The Academy of Motion Picture Arts and Sciences announced what it referred to as “a sweeping series of substantive changes” to its rules on Friday to promote diversity in Academy membership.
The most dramatic new rule changes what has always been the lifetime voting privilege attached to Academy membership to a 10-year term.
After 10 years, a member’s Oscar voting privileges will be renewed for another 10 years if he or she has been “active in motion pictures” during the past decade. After three consecutive terms of eligibility, the member will receive lifetime voting privileges.
The rule will not go into effect until after this year’s Oscars, but at that point it will be applied retroactively to current members.
The changes also involve “an ambitious, global campaign to identify and recruit qualified new members who represent greater diversity,” according to an Academy press release issued on Friday. In addition, three new seats will be added to the AMPAS Board of Governors, with the members nominated by the president and approved by the board rather than being elected by the members of any specific branch.
The current Academy president, Cheryl Boone Isaacs, is the only African-American on the 51-member board.
AMPAS also pledged to add minority members to its executive and board committees. Typically, the identity of members on those committees has been kept secret by the Academy.
The Academy’s goal, it said in the statement, is to double the number of women and diverse members of AMPAS by 2020.
The changes were adopted unanimously by the Academy’s Board of Governors at a meeting on Thursday night. The Board has a regularly scheduled meeting coming up on Tuesday, at which the diversity issue had been added to the agenda. But the Academy opted not to wait for that meeting, instead quietly scheduling a meeting on Thursday to specifically deal with the outcry over this year’s second consecutive slate of all-white acting nominees, and the ensuing backlash against the Academy.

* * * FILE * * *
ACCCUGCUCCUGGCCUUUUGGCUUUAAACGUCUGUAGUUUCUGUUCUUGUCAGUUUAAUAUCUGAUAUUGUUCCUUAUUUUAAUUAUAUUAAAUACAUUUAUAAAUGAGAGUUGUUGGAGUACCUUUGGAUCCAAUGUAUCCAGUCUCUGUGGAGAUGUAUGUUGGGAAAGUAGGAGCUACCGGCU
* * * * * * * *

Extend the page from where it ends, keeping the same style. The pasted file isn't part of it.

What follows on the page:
The release did not address another voting issue that was expected to be on the agenda at Tuesday’s meeting: the expansion of the Best Picture category back to 10 nominees from its current variable number.
The effort to increase diversity was led by Isaacs and by longtime Writers Branch governor Phil Robinson, who chairs the Membership and Administration Committee and sent a letter to other governors on Monday urging them to make diversity a priority in their branches.
The AMPAS press release:
In a unanimous vote Thursday night (1/21), the Board of Governors of the Academy of Motion Picture Arts and Sciences approved a sweeping series of substantive changes designed to make the Academy’s membership, its governing bodies, and its voting members significantly more diverse. The Board’s goal is to commit to doubling the number of women and diverse members of the Academy by 2020.
“The Academy is going to lead and not wait for the industry to catch up,” said Academy President Cheryl Boone Isaacs. “These new measures regarding governance and voting will have an immediate impact and begin the process of significantly changing our membership composition.”
Beginning later this year, each new member’s voting status will last 10 years, and will be renewed if that new member has been active in motion pictures during that decade. In addition, members will receive lifetime voting rights after three ten-year terms; or if they have won or been nominated for an Academy Award. We will apply these same standards retroactively to current members. In other words, if a current member has not been active in the last 10 years they can still qualify by meeting the other criteria. Those who do not qualify for active status will be moved to emeritus status. Emeritus members do not pay dues but enjoy all the privileges of membership, except voting. This will not affect voting for this year’s Oscars.
At the same time, the Academy will supplement the traditional process in which current members sponsor new members by launching an ambitious, global campaign to identify and recruit qualified new members who represent greater diversity.
In order to immediately increase diversity on the Board of Governors, the Academy will establish three new governor seats that will be nominated by the President for three-year terms and confirmed by the Board.
The Academy will also take immediate action to increase diversity by adding new members who are not Governors to its executive and board committees where key decisions about membership and governance are made. This will allow new members an opportunity to become more active in Academy decision-making and help the organization identify and nurture future leaders.
Along with Boone Isaacs, the Board’s Membership and Administration Committee, chaired by Academy Governor Phil Robinson, led the efforts to enact these initiatives.